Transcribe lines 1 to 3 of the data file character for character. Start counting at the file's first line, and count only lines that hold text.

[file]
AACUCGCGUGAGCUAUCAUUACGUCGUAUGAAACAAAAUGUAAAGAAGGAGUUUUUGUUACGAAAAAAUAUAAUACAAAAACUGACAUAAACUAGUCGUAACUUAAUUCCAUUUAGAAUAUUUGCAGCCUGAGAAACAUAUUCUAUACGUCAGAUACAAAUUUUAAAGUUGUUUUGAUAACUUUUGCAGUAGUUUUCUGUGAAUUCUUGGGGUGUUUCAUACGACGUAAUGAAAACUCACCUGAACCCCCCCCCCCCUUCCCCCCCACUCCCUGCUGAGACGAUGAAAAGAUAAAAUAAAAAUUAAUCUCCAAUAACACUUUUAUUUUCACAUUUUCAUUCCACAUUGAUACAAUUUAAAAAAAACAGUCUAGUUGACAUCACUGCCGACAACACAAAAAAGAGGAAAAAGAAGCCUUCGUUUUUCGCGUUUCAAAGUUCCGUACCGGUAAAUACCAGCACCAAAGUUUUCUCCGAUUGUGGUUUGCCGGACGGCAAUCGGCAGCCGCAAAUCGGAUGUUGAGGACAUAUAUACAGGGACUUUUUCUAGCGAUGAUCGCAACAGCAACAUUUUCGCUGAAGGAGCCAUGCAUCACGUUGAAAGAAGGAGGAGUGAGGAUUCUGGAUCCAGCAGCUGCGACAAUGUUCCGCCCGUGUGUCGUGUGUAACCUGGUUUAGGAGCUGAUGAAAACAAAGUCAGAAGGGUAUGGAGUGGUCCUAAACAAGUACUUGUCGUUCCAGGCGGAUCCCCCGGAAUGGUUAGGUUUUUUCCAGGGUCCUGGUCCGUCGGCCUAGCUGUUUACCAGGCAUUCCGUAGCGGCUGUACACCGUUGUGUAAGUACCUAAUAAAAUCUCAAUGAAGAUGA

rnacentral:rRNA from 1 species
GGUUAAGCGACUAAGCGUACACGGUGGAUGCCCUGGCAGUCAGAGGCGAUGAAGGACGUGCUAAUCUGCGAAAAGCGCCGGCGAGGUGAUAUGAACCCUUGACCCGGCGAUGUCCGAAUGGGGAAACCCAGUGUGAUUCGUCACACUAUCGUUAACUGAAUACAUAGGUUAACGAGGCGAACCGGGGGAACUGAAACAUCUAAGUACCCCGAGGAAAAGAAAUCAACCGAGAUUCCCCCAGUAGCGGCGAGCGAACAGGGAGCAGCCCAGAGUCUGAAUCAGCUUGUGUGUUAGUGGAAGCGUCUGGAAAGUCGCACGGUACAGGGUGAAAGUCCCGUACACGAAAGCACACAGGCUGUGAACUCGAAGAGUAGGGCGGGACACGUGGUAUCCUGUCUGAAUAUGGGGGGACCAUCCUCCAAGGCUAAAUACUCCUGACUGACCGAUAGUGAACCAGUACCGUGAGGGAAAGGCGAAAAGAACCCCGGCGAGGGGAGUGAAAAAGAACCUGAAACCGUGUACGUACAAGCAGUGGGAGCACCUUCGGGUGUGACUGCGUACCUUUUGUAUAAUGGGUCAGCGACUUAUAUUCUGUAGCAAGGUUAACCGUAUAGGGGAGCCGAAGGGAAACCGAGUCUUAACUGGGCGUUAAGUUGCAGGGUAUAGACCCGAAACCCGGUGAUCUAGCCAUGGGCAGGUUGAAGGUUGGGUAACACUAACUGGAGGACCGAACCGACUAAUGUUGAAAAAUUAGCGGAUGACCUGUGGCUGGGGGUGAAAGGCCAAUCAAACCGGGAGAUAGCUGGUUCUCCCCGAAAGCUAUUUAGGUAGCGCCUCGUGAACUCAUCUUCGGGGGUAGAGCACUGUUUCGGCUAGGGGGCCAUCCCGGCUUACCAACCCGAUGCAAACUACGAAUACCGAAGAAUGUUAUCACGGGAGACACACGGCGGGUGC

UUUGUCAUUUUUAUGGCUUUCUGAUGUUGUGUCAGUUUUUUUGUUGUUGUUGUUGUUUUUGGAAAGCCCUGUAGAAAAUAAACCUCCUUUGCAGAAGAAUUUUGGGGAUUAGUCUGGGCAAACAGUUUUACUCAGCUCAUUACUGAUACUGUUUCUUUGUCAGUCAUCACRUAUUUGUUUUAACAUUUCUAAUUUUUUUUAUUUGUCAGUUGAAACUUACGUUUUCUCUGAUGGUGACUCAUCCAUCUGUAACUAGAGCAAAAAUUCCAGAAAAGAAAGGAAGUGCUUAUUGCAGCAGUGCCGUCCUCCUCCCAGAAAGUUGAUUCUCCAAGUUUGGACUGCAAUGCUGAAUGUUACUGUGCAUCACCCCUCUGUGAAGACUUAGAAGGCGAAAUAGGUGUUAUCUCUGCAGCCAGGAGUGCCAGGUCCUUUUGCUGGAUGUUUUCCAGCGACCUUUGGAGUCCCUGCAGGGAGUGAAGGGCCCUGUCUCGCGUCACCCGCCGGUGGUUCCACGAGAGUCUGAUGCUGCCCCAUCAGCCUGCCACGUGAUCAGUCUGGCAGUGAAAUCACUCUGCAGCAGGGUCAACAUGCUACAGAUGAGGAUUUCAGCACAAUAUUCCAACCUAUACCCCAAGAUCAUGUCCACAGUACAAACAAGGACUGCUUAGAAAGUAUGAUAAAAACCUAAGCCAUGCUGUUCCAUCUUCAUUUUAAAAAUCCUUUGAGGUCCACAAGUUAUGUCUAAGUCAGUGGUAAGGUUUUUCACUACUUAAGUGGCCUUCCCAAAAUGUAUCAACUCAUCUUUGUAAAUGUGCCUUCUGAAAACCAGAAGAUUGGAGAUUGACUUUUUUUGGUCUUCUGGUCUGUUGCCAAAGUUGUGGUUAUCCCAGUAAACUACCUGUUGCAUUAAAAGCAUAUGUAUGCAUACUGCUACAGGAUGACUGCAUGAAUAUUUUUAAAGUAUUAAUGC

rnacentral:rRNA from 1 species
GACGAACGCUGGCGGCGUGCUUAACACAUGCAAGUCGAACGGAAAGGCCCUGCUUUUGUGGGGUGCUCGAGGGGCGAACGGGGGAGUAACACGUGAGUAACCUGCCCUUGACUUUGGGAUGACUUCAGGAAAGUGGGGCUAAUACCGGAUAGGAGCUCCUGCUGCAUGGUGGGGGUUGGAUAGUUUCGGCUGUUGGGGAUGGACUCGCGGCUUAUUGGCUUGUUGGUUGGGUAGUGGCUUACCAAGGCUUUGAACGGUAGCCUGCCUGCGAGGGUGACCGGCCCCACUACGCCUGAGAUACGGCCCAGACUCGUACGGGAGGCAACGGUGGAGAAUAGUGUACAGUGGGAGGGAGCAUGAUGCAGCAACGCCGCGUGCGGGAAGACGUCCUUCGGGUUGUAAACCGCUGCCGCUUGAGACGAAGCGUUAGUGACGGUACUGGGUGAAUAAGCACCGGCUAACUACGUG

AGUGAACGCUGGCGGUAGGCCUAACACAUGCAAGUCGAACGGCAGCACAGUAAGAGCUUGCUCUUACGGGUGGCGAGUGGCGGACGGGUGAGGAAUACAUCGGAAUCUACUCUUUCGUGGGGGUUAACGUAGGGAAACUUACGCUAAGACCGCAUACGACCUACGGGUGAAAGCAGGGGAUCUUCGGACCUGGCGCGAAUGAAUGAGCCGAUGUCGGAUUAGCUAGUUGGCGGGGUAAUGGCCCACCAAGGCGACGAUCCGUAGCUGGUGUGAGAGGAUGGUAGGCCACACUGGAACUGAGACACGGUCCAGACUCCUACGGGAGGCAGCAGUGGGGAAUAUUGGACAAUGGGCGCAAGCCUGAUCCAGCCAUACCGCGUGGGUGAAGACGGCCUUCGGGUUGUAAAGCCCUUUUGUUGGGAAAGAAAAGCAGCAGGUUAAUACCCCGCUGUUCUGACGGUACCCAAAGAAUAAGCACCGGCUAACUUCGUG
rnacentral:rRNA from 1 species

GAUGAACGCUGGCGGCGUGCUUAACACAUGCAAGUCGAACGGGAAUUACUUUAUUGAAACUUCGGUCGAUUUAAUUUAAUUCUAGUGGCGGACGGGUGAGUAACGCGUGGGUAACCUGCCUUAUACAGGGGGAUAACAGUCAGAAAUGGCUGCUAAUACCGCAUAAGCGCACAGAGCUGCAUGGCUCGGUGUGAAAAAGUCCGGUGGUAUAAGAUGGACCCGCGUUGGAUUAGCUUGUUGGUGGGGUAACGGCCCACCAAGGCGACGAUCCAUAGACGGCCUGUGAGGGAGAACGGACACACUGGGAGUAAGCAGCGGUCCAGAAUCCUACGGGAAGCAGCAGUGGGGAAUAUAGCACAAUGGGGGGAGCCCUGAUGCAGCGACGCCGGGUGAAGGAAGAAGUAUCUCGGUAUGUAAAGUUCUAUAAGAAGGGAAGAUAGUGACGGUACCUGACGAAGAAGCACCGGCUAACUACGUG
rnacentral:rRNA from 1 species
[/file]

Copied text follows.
AACUCGCGUGAGCUAUCAUUACGUCGUAUGAAACAAAAUGUAAAGAAGGAGUUUUUGUUACGAAAAAAUAUAAUACAAAAACUGACAUAAACUAGUCGUAACUUAAUUCCAUUUAGAAUAUUUGCAGCCUGAGAAACAUAUUCUAUACGUCAGAUACAAAUUUUAAAGUUGUUUUGAUAACUUUUGCAGUAGUUUUCUGUGAAUUCUUGGGGUGUUUCAUACGACGUAAUGAAAACUCACCUGAACCCCCCCCCCCCUUCCCCCCCACUCCCUGCUGAGACGAUGAAAAGAUAAAAUAAAAAUUAAUCUCCAAUAACACUUUUAUUUUCACAUUUUCAUUCCACAUUGAUACAAUUUAAAAAAAACAGUCUAGUUGACAUCACUGCCGACAACACAAAAAAGAGGAAAAAGAAGCCUUCGUUUUUCGCGUUUCAAAGUUCCGUACCGGUAAAUACCAGCACCAAAGUUUUCUCCGAUUGUGGUUUGCCGGACGGCAAUCGGCAGCCGCAAAUCGGAUGUUGAGGACAUAUAUACAGGGACUUUUUCUAGCGAUGAUCGCAACAGCAACAUUUUCGCUGAAGGAGCCAUGCAUCACGUUGAAAGAAGGAGGAGUGAGGAUUCUGGAUCCAGCAGCUGCGACAAUGUUCCGCCCGUGUGUCGUGUGUAACCUGGUUUAGGAGCUGAUGAAAACAAAGUCAGAAGGGUAUGGAGUGGUCCUAAACAAGUACUUGUCGUUCCAGGCGGAUCCCCCGGAAUGGUUAGGUUUUUUCCAGGGUCCUGGUCCGUCGGCCUAGCUGUUUACCAGGCAUUCCGUAGCGGCUGUACACCGUUGUGUAAGUACCUAAUAAAAUCUCAAUGAAGAUGA

rnacentral:rRNA from 1 species
GGUUAAGCGACUAAGCGUACACGGUGGAUGCCCUGGCAGUCAGAGGCGAUGAAGGACGUGCUAAUCUGCGAAAAGCGCCGGCGAGGUGAUAUGAACCCUUGACCCGGCGAUGUCCGAAUGGGGAAACCCAGUGUGAUUCGUCACACUAUCGUUAACUGAAUACAUAGGUUAACGAGGCGAACCGGGGGAACUGAAACAUCUAAGUACCCCGAGGAAAAGAAAUCAACCGAGAUUCCCCCAGUAGCGGCGAGCGAACAGGGAGCAGCCCAGAGUCUGAAUCAGCUUGUGUGUUAGUGGAAGCGUCUGGAAAGUCGCACGGUACAGGGUGAAAGUCCCGUACACGAAAGCACACAGGCUGUGAACUCGAAGAGUAGGGCGGGACACGUGGUAUCCUGUCUGAAUAUGGGGGGACCAUCCUCCAAGGCUAAAUACUCCUGACUGACCGAUAGUGAACCAGUACCGUGAGGGAAAGGCGAAAAGAACCCCGGCGAGGGGAGUGAAAAAGAACCUGAAACCGUGUACGUACAAGCAGUGGGAGCACCUUCGGGUGUGACUGCGUACCUUUUGUAUAAUGGGUCAGCGACUUAUAUUCUGUAGCAAGGUUAACCGUAUAGGGGAGCCGAAGGGAAACCGAGUCUUAACUGGGCGUUAAGUUGCAGGGUAUAGACCCGAAACCCGGUGAUCUAGCCAUGGGCAGGUUGAAGGUUGGGUAACACUAACUGGAGGACCGAACCGACUAAUGUUGAAAAAUUAGCGGAUGACCUGUGGCUGGGGGUGAAAGGCCAAUCAAACCGGGAGAUAGCUGGUUCUCCCCGAAAGCUAUUUAGGUAGCGCCUCGUGAACUCAUCUUCGGGGGUAGAGCACUGUUUCGGCUAGGGGGCCAUCCCGGCUUACCAACCCGAUGCAAACUACGAAUACCGAAGAAUGUUAUCACGGGAGACACACGGCGGGUGC